Covid-19 and Children’s Rights in Wales
by Professor Jane Williams - Acting Director, Morgan Academy; Co-founder, Observatory on Human Rights of Children
‘Children are not the face of this pandemic. But they risk being amongst its biggest victims’. United Nations Policy Brief: The Impact of Covid-19, 15 April 2020
Coronavirus and Human Rights
Initial governmental responses to the Coronavirus pandemic prioritised the need to protect those at greatest risk from the disease and to reduce associated stress on health systems. Children appear less likely to become infected and less likely to die or need medical treatment if infected. The Coronavirus emergency measures, however, are having a massive impact on children. For some, the impact may be life-long and life-limiting. Hitherto, discussion of the human rights implications of Coronavirus measures focused mainly on restrictions on individual freedoms normally enjoyed by adults. Less prominent is consideration of the human rights of children, now and in the longer term. This needs to change.
Welsh Government together with the Welsh Youth Parliament, the NGO Children in Wales and the Children’s Commissioner for Wales launched an online survey, ‘Coronavirus and Me’ to help Welsh Government understand children’s experiences. In a short introductory video, the Commissioner presents the survey as giving children their ‘right to have a say’ and invites them to share their ‘thoughts, feelings and emotions’ on the changes they have been experiencing. Alongside this, the Senedd’s Children Young People and Education Committee is taking evidence and consulting the public in its inquiry into the impact of Coronavirus on children.
The Observatory on Human Rights of Children at Swansea and Bangor Universities is one of many respondents to the Committee’s public consultation in this inquiry. The Observatory supports children’s human rights through research and by working with organisations on ways to put into practice rights guaranteed by the UN Convention on the Rights of the Child (UNCRC). The Observatory’s response to the Senedd Committee cites a Policy Brief from the United Nations which warns that children are at risk of being the biggest victims of the Coronavirus pandemic, with an estimated 42 – 66 million more children worldwide falling into poverty, huge impacts on education, additional child deaths due to the likely global economic downturn and heightened risk of harm to the most vulnerable.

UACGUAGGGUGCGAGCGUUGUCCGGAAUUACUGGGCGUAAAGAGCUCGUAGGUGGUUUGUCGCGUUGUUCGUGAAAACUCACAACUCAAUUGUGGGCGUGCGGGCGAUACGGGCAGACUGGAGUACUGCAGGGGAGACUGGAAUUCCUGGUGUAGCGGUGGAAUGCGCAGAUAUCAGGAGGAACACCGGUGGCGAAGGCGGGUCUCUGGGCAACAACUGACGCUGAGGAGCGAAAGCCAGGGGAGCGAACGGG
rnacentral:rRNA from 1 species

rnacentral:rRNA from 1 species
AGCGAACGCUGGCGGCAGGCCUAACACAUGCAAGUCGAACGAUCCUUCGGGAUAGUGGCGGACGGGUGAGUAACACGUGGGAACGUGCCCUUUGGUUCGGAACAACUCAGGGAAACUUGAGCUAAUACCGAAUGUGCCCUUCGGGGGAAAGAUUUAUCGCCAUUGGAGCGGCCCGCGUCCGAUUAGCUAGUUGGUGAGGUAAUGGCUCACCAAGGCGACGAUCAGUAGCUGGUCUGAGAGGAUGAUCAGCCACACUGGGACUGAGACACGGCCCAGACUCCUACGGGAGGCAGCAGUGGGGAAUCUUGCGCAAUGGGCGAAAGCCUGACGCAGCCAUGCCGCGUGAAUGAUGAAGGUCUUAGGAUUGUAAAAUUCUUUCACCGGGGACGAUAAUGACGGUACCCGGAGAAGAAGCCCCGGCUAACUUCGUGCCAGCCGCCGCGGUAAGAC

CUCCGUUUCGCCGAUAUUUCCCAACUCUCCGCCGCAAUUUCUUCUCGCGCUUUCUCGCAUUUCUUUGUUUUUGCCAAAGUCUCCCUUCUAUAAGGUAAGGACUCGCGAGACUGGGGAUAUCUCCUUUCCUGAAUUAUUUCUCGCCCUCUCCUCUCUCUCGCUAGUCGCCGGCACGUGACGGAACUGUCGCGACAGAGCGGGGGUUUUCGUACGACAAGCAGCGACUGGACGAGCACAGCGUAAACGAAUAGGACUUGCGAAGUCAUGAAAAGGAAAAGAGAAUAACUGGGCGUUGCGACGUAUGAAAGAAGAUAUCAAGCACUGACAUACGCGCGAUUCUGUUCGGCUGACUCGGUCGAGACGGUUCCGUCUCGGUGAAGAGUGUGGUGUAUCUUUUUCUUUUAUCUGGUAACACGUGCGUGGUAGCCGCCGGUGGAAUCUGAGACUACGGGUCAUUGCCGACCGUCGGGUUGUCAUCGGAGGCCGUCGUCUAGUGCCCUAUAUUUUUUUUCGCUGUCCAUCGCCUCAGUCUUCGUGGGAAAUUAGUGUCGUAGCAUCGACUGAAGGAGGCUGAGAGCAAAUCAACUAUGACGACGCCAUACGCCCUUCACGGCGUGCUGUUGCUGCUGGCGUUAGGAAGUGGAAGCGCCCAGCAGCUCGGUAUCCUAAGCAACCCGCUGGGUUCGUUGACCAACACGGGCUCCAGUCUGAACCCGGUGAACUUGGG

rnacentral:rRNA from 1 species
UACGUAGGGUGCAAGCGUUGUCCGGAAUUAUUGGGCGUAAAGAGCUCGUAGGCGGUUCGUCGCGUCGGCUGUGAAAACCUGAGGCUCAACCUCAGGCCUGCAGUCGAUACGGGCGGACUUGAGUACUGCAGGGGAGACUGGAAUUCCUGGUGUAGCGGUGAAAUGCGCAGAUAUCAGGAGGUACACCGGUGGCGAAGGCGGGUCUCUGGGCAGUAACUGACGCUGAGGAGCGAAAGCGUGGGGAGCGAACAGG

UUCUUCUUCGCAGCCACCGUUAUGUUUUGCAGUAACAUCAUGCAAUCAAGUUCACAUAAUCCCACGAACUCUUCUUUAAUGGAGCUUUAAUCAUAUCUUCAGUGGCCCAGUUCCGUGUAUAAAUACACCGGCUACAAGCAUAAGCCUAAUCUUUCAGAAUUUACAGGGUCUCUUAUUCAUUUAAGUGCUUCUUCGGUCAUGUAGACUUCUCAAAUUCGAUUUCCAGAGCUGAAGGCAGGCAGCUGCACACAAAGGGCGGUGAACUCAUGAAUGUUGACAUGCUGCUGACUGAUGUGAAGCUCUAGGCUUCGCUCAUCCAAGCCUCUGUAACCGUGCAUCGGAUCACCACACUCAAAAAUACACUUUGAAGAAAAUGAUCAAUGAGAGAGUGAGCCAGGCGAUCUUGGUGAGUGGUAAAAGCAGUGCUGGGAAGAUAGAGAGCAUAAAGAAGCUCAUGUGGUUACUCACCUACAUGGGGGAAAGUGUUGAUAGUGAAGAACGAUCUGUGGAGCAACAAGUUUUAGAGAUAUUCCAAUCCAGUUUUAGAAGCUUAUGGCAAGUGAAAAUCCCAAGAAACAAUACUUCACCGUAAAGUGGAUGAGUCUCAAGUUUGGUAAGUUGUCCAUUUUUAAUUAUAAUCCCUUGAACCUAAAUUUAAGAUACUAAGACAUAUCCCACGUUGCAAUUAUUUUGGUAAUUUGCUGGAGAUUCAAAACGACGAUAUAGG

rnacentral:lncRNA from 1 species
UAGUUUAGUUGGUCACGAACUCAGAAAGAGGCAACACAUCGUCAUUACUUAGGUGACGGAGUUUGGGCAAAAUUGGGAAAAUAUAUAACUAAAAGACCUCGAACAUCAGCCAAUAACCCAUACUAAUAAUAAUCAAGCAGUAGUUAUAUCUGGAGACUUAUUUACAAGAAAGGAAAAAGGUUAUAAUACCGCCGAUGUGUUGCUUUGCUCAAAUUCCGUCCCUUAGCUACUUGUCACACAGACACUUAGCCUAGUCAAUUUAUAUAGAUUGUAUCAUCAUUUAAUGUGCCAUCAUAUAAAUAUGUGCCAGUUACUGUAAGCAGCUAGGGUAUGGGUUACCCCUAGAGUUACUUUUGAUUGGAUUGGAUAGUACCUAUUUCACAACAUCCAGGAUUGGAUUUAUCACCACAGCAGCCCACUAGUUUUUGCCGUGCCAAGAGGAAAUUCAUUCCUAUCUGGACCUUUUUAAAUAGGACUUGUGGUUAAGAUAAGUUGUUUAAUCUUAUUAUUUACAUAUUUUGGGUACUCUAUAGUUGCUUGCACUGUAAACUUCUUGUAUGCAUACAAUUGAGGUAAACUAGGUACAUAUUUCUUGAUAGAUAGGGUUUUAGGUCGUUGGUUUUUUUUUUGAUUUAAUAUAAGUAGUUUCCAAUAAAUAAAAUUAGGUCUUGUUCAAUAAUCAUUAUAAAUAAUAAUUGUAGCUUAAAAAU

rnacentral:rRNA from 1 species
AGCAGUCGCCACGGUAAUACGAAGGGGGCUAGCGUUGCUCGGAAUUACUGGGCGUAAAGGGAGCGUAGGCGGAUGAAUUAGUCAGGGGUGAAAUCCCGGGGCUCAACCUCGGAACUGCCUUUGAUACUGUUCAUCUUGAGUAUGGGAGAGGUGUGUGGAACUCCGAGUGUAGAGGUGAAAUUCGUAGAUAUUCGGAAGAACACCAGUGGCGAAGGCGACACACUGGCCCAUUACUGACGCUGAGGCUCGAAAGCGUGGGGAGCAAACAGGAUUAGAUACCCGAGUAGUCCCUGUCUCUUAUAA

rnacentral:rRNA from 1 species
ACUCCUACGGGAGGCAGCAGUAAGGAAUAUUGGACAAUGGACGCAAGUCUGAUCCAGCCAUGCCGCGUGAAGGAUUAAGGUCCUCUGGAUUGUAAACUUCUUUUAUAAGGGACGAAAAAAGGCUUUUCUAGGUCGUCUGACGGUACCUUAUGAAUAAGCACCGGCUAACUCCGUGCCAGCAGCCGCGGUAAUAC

Coronavirus and Children in Wales
In Wales, as elsewhere in the UK, there are concerns about the unequal impact of school closures, disruption of review of children placed in care, sub-optimal ante- and post-natal care due to distancing restrictions, difficulties in accessing mental health support, increased exposure to abuse in the home and barriers to normal involvement of parents and children in the family justice system. These threats are greatest for those who are already disadvantaged and especially those who are digitally excluded. It has perhaps never been more important to imbue governmental decision-taking at all levels with informed and anxious attention to the human rights of children.
Children’s rights in Wales
Welsh legislation, influenced by Swansea University researchers, imposes a special duty on Welsh Ministers when exercising any of their functions, to pay ‘due regard’ to the requirements of the UNCRC. (Rights of Children and Young Persons (Wales) Measure 2011). This provides an essential point of reference for the Welsh Government’s decision-making, as does the Well-being of Future Generations (Wales) Act 2015. Requirements to properly consider children’s rights and the impact on future generations apply to decision-making in emergencies as much as any other time.
So what needs to happen?
In practice, this means policy process should include two core functions: firstly, children’s rights impact assessment, as required in Wales by the Children’s Rights Scheme, and secondly, making sure that children can effectively inform governmental decisions. This is not mere legal technicality but will help secure better decisions now and in the future. ‘Coronavirus and Me’ and the Senedd CYPE Committee’s Inquiry are therefore important but should not be isolated from wider, emergent political discourse around ‘building back better’. Children’s lives and life chances are affected not only by actions in their homes, families, schools and communities, but also by governmental choices for economic recovery and climate action, as exemplified in a recent publication by Observatory collaborator Professor Barbara Bennett Woodhouse, The Ecology of Childhood.
Involving Children as Citizens Now
Children can, and want to, be part of the solution to big challenges, as seen in youth movements on climate action, gun laws in the US and the early work of the Welsh Youth Parliament, among others. The Observatory’s Lleisiau Bach Little Voices projects, funded since 2012 by the National Lottery, show children as young as 7 researching and advocating together and with adults for change on matters as diverse as plastic waste, homelessness, loneliness in older people and curriculum content. The projects reveal children’s will and capabilities to go beyond merely expressing their ‘thoughts, feelings and emotions’ on what is happening to them, important though it is that they can also do that. As Wales emerges from the first swathe of Coronavirus measures, recognition of children as ‘citizens now’ in their everyday places and activities, is essential to promote and protect their human rights and the well-being of future generations.